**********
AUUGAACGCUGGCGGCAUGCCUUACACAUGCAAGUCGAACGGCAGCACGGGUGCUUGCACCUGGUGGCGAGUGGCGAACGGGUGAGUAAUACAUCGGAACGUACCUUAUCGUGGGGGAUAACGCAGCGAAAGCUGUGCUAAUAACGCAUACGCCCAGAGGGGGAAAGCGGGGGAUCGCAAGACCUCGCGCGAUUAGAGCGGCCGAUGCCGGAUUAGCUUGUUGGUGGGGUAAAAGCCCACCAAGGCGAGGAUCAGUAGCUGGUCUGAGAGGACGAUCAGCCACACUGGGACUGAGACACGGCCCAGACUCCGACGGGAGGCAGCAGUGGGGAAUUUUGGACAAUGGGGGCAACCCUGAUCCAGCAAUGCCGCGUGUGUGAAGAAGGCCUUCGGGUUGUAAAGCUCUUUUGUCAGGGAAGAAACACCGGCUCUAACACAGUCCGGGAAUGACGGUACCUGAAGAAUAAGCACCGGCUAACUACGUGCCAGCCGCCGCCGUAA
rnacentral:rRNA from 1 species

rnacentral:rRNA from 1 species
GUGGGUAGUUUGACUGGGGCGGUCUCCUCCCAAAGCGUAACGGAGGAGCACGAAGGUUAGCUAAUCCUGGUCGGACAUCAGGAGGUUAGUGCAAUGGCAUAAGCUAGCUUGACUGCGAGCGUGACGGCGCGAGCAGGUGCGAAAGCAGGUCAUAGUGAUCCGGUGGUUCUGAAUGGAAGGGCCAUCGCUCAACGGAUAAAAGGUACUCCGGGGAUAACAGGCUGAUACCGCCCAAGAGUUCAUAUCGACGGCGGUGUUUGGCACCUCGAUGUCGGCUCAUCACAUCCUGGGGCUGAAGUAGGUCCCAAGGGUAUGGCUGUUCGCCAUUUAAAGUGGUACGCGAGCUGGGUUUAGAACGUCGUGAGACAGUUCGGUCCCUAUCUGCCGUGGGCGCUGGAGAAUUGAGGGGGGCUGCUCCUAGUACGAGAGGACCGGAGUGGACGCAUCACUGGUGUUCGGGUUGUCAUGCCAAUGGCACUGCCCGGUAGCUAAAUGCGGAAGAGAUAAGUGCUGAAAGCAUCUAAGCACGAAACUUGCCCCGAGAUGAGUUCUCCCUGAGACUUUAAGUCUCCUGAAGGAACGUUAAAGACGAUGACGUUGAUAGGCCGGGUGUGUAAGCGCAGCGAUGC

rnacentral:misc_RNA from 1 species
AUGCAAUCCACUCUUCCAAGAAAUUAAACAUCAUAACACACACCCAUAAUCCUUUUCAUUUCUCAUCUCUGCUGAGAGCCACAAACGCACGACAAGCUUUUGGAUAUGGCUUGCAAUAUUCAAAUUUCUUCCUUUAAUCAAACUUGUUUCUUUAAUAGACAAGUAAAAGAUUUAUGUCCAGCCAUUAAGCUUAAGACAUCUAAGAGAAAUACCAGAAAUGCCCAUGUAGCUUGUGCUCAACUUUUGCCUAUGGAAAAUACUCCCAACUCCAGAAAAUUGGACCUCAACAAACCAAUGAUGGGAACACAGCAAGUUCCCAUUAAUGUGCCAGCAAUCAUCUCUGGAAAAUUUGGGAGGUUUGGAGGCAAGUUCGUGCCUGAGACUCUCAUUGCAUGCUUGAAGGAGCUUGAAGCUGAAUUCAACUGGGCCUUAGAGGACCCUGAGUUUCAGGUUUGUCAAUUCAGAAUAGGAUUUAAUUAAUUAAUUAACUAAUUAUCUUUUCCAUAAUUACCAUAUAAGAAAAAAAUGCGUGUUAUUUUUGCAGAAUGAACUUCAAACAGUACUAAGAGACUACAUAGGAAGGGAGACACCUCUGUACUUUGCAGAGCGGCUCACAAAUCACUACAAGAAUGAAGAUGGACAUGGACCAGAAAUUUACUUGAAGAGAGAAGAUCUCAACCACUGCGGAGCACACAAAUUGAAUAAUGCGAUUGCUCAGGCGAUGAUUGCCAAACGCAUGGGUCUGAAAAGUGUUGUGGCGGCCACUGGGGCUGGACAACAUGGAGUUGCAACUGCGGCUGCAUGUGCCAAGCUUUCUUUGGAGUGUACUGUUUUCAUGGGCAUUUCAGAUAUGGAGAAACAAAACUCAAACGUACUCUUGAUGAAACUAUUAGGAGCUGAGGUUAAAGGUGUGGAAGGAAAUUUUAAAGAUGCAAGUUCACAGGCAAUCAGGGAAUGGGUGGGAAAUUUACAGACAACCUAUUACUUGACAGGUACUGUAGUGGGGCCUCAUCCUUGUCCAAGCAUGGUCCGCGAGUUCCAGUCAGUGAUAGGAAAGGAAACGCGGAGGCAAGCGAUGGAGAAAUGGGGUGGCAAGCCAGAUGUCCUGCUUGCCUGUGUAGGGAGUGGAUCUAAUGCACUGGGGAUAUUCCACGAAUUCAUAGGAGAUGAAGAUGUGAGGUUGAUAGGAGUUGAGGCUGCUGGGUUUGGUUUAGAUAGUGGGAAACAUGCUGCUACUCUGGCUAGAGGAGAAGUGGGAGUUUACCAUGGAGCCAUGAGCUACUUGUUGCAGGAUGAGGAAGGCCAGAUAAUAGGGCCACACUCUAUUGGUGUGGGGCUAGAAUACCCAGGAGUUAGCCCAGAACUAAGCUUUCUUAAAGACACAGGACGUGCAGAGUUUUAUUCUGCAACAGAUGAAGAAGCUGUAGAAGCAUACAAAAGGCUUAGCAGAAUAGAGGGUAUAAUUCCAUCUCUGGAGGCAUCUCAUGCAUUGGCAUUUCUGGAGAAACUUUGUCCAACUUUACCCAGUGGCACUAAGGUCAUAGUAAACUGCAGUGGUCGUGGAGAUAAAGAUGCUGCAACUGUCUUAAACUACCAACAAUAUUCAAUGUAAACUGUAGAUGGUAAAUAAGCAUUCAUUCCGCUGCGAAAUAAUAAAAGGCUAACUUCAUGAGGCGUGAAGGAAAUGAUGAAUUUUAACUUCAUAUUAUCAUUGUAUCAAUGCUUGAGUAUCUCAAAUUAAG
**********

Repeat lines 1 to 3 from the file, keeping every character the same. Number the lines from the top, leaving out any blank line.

AUUGAACGCUGGCGGCAUGCCUUACACAUGCAAGUCGAACGGCAGCACGGGUGCUUGCACCUGGUGGCGAGUGGCGAACGGGUGAGUAAUACAUCGGAACGUACCUUAUCGUGGGGGAUAACGCAGCGAAAGCUGUGCUAAUAACGCAUACGCCCAGAGGGGGAAAGCGGGGGAUCGCAAGACCUCGCGCGAUUAGAGCGGCCGAUGCCGGAUUAGCUUGUUGGUGGGGUAAAAGCCCACCAAGGCGAGGAUCAGUAGCUGGUCUGAGAGGACGAUCAGCCACACUGGGACUGAGACACGGCCCAGACUCCGACGGGAGGCAGCAGUGGGGAAUUUUGGACAAUGGGGGCAACCCUGAUCCAGCAAUGCCGCGUGUGUGAAGAAGGCCUUCGGGUUGUAAAGCUCUUUUGUCAGGGAAGAAACACCGGCUCUAACACAGUCCGGGAAUGACGGUACCUGAAGAAUAAGCACCGGCUAACUACGUGCCAGCCGCCGCCGUAA
rnacentral:rRNA from 1 species

rnacentral:rRNA from 1 species